• 12. What makes for aWhat makes for a good website?good website?
    • 13. The most popular sites have…  Pages that load fast  Reliable search function  Layouts that are easy to navigate  Unobtrusive advertising  Information that caters to intended audience
    • 14. The best websites fulfill users expectations with least amount of stress.
    • 15. Content is king  The single most important thing most Web sites can offer to their users is content that those users will find valuable.  Information is what drives web sites. Any site must begin with engaging content.
    • 16. You have 90 seconds  Every human being has his/her own distinct thought processes to take him/her from POINT A to POINT B.  People make a subconscious judgment about a person, environment, or product within 90 seconds of initial viewing.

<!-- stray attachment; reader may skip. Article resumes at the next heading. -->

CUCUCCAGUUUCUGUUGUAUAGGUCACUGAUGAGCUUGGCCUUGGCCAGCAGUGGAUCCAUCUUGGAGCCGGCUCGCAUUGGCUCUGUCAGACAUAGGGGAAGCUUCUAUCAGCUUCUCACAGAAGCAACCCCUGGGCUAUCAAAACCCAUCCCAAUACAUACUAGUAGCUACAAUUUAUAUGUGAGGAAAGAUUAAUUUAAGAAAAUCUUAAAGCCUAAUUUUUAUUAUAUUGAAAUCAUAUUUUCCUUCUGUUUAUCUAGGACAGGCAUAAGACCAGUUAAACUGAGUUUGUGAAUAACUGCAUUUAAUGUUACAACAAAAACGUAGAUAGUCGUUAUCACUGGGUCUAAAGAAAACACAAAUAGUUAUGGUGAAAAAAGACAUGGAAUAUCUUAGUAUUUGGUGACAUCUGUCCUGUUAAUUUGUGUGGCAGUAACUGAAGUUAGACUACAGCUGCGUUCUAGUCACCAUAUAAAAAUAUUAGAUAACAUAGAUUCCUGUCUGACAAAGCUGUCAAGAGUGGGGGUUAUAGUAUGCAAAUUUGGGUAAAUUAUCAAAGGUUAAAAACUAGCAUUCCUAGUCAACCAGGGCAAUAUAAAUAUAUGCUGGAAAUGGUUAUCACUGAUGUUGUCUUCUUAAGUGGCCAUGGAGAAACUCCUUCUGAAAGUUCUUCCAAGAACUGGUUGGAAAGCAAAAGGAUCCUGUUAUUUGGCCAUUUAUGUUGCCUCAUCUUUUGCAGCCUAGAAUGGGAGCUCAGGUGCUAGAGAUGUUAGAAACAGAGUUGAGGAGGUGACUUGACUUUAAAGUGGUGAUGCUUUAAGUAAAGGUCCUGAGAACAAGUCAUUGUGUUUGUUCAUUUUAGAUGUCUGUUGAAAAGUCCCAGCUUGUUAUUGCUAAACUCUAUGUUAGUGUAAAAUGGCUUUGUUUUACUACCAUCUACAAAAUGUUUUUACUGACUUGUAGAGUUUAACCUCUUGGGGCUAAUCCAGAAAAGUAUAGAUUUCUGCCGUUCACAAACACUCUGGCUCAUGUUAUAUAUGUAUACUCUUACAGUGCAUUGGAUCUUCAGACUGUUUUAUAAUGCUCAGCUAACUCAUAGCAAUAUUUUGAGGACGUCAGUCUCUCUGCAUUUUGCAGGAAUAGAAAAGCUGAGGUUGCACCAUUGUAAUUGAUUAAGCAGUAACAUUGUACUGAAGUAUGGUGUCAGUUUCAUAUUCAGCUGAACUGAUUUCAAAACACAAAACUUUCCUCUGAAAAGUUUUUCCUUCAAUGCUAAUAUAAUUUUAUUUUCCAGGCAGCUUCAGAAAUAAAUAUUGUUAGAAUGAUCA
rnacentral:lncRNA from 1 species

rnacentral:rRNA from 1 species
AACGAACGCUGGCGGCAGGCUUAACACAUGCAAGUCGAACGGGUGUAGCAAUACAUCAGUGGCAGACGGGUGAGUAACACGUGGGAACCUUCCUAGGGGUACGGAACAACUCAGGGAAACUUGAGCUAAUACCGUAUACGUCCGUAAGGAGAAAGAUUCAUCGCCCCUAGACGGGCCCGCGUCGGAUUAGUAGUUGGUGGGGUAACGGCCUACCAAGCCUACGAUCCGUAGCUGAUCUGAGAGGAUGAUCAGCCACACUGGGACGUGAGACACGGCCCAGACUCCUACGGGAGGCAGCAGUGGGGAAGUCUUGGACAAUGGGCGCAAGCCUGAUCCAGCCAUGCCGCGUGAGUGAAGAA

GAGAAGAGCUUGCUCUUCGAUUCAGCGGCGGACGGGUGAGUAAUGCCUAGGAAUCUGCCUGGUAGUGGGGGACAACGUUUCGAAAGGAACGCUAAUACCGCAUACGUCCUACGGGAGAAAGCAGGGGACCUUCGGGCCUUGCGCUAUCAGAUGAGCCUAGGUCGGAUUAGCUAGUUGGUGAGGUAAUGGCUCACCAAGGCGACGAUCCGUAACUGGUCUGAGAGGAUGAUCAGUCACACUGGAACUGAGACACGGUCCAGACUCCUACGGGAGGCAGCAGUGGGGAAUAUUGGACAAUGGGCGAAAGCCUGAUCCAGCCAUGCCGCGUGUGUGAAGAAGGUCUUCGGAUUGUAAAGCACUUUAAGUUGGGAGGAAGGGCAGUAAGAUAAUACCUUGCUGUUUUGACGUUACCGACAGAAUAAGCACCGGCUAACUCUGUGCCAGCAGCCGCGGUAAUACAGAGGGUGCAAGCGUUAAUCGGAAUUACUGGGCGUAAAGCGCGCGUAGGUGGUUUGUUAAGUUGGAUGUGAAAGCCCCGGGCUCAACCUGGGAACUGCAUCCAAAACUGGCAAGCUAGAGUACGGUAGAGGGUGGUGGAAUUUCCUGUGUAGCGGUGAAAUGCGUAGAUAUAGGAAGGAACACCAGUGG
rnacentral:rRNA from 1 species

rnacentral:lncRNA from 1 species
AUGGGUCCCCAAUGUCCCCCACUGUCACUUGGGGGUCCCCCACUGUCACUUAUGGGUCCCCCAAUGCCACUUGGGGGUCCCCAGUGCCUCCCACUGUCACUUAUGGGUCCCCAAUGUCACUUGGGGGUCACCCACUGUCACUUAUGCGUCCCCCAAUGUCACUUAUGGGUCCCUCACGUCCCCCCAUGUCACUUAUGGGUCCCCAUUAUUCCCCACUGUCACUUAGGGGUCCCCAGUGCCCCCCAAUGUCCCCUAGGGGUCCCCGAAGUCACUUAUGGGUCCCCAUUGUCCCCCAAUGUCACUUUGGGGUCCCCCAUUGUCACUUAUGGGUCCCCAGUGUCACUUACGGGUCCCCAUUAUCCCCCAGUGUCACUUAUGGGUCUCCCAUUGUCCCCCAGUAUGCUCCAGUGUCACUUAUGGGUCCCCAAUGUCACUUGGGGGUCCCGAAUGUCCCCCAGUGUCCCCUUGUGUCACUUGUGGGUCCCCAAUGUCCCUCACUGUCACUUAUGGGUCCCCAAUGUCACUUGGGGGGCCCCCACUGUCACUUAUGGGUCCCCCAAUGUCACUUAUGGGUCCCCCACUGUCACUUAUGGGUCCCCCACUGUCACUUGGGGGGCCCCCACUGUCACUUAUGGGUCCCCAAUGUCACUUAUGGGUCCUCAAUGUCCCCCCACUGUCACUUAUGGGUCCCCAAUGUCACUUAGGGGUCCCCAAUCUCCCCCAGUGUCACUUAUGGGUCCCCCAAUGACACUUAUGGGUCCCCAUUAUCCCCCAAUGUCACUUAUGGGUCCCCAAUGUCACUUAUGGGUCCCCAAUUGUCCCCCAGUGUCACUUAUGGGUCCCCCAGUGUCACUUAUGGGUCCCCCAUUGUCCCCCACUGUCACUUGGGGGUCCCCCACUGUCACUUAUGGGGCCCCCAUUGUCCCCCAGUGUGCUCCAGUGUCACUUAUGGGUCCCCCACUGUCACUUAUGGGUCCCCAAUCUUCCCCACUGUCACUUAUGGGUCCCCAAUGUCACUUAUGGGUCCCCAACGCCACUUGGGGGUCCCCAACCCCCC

• 17. Don’t Make Me Think  Be as obvious as possible  Consistency – uniform layouts  Keywords
    • 18. The webThe web is ais a visualvisual medium.medium.
    • 19. Visual functionality On a web page, successful communication is influenced by:  Text on the screen  Page layout  Images: graphics and photos  Color
    • 20. Psychology of Color “Vision is the primary source for all our experiences.” “We become bored in the absence of a variety of colors and shapes… Color addresses one of our basic neurological needs for stimulation.” - Jill Morton, “Why Color Matters” (2005)
    • 21. Satisfaction or irritation? If visitors feel like they have a “sense of mastery” over a web site, they will achieve their goals and find satisfaction with the experience. But if visitors find a web page confusing and difficult to use, many will click away, feeling irritated and unfulfilled.